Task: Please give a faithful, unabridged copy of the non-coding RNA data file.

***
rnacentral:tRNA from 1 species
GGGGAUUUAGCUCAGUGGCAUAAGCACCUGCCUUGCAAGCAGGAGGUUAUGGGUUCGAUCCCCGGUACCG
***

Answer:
rnacentral:tRNA from 1 species
GGGGAUUUAGCUCAGUGGCAUAAGCACCUGCCUUGCAAGCAGGAGGUUAUGGGUUCGAUCCCCGGUACCG